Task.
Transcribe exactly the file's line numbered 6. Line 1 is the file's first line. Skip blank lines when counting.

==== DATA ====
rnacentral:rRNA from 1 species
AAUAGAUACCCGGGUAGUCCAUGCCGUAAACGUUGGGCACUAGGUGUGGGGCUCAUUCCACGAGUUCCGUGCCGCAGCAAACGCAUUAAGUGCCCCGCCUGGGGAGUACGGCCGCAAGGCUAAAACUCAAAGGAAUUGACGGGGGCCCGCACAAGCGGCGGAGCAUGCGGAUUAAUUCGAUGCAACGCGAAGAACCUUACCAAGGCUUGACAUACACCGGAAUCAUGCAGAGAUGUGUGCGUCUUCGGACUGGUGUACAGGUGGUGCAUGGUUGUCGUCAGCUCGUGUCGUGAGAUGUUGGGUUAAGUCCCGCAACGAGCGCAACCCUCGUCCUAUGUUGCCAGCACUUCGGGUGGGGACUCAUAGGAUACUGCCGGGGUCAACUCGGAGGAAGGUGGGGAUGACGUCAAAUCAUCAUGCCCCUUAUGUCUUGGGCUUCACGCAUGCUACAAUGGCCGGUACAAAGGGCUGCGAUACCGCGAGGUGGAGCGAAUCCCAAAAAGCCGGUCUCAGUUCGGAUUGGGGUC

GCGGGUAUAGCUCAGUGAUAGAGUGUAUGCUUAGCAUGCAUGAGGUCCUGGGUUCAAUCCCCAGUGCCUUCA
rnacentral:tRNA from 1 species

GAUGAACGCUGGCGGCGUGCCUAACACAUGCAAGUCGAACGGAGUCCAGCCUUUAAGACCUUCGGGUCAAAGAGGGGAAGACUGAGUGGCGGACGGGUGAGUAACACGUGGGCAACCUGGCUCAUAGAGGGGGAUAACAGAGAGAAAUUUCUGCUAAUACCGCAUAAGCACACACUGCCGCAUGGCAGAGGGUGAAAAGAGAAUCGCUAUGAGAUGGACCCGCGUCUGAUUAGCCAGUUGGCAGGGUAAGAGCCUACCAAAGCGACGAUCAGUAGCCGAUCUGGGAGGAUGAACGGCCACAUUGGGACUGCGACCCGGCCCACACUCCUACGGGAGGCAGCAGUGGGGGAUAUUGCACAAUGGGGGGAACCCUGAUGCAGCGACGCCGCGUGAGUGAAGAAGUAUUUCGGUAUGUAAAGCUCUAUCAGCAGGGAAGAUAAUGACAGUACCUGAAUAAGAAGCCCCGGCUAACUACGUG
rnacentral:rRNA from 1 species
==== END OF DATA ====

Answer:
rnacentral:rRNA from 1 species